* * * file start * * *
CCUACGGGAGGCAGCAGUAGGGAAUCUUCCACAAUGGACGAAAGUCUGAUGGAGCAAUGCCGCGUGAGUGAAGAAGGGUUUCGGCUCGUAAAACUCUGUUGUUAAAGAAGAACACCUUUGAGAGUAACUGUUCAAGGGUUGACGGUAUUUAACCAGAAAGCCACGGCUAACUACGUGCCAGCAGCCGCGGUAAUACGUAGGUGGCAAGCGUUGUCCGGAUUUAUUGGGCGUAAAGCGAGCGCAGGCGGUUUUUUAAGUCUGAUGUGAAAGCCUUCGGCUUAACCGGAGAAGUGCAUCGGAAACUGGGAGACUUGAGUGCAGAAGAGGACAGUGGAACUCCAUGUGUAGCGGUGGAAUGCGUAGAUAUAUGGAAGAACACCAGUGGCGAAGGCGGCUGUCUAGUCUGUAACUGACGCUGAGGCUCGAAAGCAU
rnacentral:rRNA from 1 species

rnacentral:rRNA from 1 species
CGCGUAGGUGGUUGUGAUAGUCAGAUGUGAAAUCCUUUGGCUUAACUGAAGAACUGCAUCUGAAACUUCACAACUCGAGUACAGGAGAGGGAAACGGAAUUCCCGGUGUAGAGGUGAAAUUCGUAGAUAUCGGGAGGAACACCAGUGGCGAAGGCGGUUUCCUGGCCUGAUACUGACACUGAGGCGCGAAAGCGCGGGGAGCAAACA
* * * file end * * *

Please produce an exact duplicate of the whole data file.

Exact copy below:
CCUACGGGAGGCAGCAGUAGGGAAUCUUCCACAAUGGACGAAAGUCUGAUGGAGCAAUGCCGCGUGAGUGAAGAAGGGUUUCGGCUCGUAAAACUCUGUUGUUAAAGAAGAACACCUUUGAGAGUAACUGUUCAAGGGUUGACGGUAUUUAACCAGAAAGCCACGGCUAACUACGUGCCAGCAGCCGCGGUAAUACGUAGGUGGCAAGCGUUGUCCGGAUUUAUUGGGCGUAAAGCGAGCGCAGGCGGUUUUUUAAGUCUGAUGUGAAAGCCUUCGGCUUAACCGGAGAAGUGCAUCGGAAACUGGGAGACUUGAGUGCAGAAGAGGACAGUGGAACUCCAUGUGUAGCGGUGGAAUGCGUAGAUAUAUGGAAGAACACCAGUGGCGAAGGCGGCUGUCUAGUCUGUAACUGACGCUGAGGCUCGAAAGCAU
rnacentral:rRNA from 1 species

rnacentral:rRNA from 1 species
CGCGUAGGUGGUUGUGAUAGUCAGAUGUGAAAUCCUUUGGCUUAACUGAAGAACUGCAUCUGAAACUUCACAACUCGAGUACAGGAGAGGGAAACGGAAUUCCCGGUGUAGAGGUGAAAUUCGUAGAUAUCGGGAGGAACACCAGUGGCGAAGGCGGUUUCCUGGCCUGAUACUGACACUGAGGCGCGAAAGCGCGGGGAGCAAACA